Space--Where Now, and Why?

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Science  27 Nov 1998:
Vol. 282, Issue 5394, pp. 1637-1638
DOI: 10.1126/science.282.5394.1637

CAROLYN SHOEMAKER is on the staff of Lowell Observatory. She worked for many years with her geologist husband, the late Eugene Shoemaker, on both impact crater studies and the search for planet-crossing asteroids and comets.

Planetary science holds my interest and my passion. I was trained in the field of history, where I learned that what happened in the past has a direct influence on the present and future. Over the years I have endeavored to understand two more fields, geology and astronomy, both bearing directly on planetary science. These fields are basically historical sciences—astronomy is like a time machine that tells us about the creation of our solar system and our universe, geology reveals the nature of our world in the past and helps us to understand Earth and its neighboring planets today.

I have concentrated my work on a search for comets and for planet-crossing asteroids capable of impacting Earth as a means to understand the effects of such impacts on all the solid bodies in our solar system. Impact cratering is a process that affects all life, which to me means that science and society cannot help but be intertwined. In 1993 I was fortunate to be part of the team—with Eugene Shoemaker and David Levy—that discovered comet Shoemaker-Levy 9 (S-L 9). Many scientific discoveries today are done as a team effort, and while I was the first to see this comet on our films, this was possible only because other members of the team had taken the photographs. Observing at the telescope was among the hardest, most demanding work that any of us did and we were all in it together. While finding this comet was a fantastic discovery, the events that followed were not only exciting, but humbling. S-L 9 was the first comet to be seen in an orbit around a planet, Jupiter—rather than in an orbit around the sun—the first comet to be observed so completely disrupted that there seemed to be a steady-state number of 21 fragments, and the first large object to be seen impacting another body. S-L 9 became everyone's comet, as professional scientists and amateur astronomers sought to learn more about it and to find the best ways to observe its inevitable impact on Jupiter. The Internet made possible the exchange of huge quantities of information and beautiful images to the general public, as well. For 15 months there was enthusiastic cooperation between scientists, amateur astronomers, educators, and the media, who were witnessing an event that had never before been described in the historical record. Not since the days of Apollo and lunar exploration had science, technology, and the rest of society had such an affinity for each other. Occasionally we are lucky to have a meeting of minds and events that makes the discoveries of science meaningful to all.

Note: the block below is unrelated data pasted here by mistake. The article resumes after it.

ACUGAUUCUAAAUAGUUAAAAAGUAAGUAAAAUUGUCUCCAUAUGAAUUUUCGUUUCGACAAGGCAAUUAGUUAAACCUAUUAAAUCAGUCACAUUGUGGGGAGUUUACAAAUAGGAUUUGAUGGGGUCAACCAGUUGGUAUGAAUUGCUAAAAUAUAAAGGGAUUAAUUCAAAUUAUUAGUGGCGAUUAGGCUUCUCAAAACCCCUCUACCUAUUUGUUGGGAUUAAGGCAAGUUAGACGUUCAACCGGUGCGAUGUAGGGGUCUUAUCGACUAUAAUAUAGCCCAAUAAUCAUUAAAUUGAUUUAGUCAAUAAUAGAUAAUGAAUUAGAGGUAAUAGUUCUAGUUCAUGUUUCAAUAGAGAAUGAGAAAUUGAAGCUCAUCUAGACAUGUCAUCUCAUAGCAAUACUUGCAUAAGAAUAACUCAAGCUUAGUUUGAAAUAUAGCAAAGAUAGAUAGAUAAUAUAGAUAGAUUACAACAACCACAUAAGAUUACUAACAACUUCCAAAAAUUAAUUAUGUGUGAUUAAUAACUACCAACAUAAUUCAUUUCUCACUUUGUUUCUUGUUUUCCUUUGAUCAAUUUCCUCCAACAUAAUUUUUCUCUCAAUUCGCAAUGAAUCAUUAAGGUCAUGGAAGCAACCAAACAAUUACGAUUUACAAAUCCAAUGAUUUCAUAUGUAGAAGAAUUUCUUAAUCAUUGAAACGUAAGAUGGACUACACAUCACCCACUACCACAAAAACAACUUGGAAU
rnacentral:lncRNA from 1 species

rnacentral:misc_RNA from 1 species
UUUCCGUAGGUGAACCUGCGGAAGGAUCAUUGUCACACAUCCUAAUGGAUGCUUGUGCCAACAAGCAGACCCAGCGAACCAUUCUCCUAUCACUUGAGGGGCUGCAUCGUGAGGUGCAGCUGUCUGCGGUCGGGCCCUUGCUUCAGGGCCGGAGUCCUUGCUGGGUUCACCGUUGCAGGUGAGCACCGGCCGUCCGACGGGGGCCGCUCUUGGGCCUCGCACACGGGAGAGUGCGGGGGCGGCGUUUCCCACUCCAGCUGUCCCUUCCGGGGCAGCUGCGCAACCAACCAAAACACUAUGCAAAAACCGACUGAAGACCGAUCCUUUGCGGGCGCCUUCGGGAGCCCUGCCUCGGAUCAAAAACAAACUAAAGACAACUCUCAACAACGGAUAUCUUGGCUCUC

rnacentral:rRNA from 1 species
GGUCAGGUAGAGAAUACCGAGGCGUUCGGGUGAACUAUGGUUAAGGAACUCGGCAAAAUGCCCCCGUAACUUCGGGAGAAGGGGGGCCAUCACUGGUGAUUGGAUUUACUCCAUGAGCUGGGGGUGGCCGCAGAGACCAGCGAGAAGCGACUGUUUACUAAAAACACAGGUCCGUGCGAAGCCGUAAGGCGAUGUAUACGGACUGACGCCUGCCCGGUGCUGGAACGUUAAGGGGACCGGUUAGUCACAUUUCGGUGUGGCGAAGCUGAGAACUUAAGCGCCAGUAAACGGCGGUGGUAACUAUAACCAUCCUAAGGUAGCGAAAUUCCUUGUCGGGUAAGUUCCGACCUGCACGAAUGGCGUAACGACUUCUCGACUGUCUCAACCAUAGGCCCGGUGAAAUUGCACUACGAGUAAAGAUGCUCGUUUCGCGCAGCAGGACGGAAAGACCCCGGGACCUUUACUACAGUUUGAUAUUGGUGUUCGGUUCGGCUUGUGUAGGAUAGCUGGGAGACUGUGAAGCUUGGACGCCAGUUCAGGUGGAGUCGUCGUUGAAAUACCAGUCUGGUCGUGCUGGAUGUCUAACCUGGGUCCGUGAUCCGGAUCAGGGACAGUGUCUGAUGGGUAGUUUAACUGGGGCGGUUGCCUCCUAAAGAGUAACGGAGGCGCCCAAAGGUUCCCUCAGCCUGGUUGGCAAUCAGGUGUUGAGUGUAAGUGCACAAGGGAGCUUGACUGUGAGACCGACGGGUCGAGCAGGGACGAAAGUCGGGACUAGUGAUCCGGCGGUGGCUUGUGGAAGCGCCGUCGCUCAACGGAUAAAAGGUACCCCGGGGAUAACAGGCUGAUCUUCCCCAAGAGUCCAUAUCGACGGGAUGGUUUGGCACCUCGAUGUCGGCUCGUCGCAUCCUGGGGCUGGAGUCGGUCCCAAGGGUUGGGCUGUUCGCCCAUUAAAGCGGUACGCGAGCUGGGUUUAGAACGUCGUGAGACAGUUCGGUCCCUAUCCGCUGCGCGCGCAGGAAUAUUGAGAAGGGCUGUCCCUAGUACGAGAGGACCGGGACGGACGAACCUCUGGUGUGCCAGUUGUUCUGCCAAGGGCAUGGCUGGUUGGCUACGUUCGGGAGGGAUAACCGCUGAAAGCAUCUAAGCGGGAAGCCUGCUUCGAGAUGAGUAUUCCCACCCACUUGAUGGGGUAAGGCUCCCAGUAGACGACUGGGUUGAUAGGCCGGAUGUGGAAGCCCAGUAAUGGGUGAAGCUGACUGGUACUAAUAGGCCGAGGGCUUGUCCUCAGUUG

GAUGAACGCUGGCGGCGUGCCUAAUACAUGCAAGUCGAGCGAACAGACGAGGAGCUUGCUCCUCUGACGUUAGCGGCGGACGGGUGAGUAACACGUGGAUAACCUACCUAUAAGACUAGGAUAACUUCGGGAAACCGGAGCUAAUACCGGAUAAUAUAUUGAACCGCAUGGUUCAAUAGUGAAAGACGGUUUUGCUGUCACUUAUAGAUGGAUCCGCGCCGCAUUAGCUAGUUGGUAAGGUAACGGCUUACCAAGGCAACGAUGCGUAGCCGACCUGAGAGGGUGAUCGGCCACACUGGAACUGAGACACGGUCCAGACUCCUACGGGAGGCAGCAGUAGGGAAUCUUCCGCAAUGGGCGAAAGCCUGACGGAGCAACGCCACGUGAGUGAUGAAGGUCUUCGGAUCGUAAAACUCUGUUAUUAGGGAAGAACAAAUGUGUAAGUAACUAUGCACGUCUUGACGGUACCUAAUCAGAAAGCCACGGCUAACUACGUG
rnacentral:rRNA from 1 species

From the days when humans first emerged as thinking beings, they have cultivated a curiosity about the unknown and a desire to explore it. Where did we come from? Why are we here? Where does our future lie? These are age-old questions that we are still exploring. Are they only philosophical in nature? Do we know the answers to some of them? Can anyone predict the future? No doubt the first concerns and questions of humanity were of a physical nature. Where does the next meal come from? How can we stay warm, or cool? Where can we find shelter and safety? These were matters of creature comfort and basic survival, and too many are still chiefly concerned with those questions. Even so, as people sought answers and migrated throughout the world, they observed the skies above and wondered at the marvels that they saw there. How many people have wished that they had wings to fly, to soar like birds, with no earthly constraints? How many have wondered what it would be like to touch the clouds, to wander on the moon, or to see beyond the stars? In the night sky, before cities developed artificial lighting, people were able to see the constellations above, to marvel at meteors, comets, and all the unknown phenomena of the heavens, and to imagine that there could be other worlds with life like ours. It was thus that the space sciences (astronomy and planetary science) began to develop. But knowledge of the heavens was acquired only gradually because, on the whole, understanding astronomical phenomena was to their way of thinking not paramount since it had little to do with human survival.